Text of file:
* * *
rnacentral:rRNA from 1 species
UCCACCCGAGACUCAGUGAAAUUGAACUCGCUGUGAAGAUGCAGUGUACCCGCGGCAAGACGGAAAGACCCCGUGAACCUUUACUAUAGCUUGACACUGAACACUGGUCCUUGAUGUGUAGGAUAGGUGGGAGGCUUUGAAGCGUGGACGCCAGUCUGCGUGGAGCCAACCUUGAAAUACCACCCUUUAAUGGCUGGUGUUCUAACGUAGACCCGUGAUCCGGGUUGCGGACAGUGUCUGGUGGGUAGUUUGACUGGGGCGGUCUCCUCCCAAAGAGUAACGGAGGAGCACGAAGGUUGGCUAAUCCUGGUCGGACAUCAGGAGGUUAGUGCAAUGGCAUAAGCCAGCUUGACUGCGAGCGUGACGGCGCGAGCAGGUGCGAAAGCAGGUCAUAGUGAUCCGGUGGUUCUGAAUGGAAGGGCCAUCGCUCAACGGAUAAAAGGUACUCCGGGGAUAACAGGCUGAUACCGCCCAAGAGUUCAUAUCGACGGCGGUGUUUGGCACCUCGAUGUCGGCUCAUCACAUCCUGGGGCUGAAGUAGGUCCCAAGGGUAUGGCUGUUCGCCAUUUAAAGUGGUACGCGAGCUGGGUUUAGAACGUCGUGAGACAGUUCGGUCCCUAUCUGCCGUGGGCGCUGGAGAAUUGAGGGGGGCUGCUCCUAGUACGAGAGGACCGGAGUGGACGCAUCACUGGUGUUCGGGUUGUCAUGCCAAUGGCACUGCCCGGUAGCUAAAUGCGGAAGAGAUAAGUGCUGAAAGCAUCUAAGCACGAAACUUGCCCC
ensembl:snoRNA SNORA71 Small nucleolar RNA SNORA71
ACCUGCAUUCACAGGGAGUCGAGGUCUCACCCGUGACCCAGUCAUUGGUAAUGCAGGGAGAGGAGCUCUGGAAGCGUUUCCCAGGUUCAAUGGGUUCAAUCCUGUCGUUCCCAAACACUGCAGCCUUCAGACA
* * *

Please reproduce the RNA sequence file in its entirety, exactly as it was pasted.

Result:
rnacentral:rRNA from 1 species
UCCACCCGAGACUCAGUGAAAUUGAACUCGCUGUGAAGAUGCAGUGUACCCGCGGCAAGACGGAAAGACCCCGUGAACCUUUACUAUAGCUUGACACUGAACACUGGUCCUUGAUGUGUAGGAUAGGUGGGAGGCUUUGAAGCGUGGACGCCAGUCUGCGUGGAGCCAACCUUGAAAUACCACCCUUUAAUGGCUGGUGUUCUAACGUAGACCCGUGAUCCGGGUUGCGGACAGUGUCUGGUGGGUAGUUUGACUGGGGCGGUCUCCUCCCAAAGAGUAACGGAGGAGCACGAAGGUUGGCUAAUCCUGGUCGGACAUCAGGAGGUUAGUGCAAUGGCAUAAGCCAGCUUGACUGCGAGCGUGACGGCGCGAGCAGGUGCGAAAGCAGGUCAUAGUGAUCCGGUGGUUCUGAAUGGAAGGGCCAUCGCUCAACGGAUAAAAGGUACUCCGGGGAUAACAGGCUGAUACCGCCCAAGAGUUCAUAUCGACGGCGGUGUUUGGCACCUCGAUGUCGGCUCAUCACAUCCUGGGGCUGAAGUAGGUCCCAAGGGUAUGGCUGUUCGCCAUUUAAAGUGGUACGCGAGCUGGGUUUAGAACGUCGUGAGACAGUUCGGUCCCUAUCUGCCGUGGGCGCUGGAGAAUUGAGGGGGGCUGCUCCUAGUACGAGAGGACCGGAGUGGACGCAUCACUGGUGUUCGGGUUGUCAUGCCAAUGGCACUGCCCGGUAGCUAAAUGCGGAAGAGAUAAGUGCUGAAAGCAUCUAAGCACGAAACUUGCCCC
ensembl:snoRNA SNORA71 Small nucleolar RNA SNORA71
ACCUGCAUUCACAGGGAGUCGAGGUCUCACCCGUGACCCAGUCAUUGGUAAUGCAGGGAGAGGAGCUCUGGAAGCGUUUCCCAGGUUCAAUGGGUUCAAUCCUGUCGUUCCCAAACACUGCAGCCUUCAGACA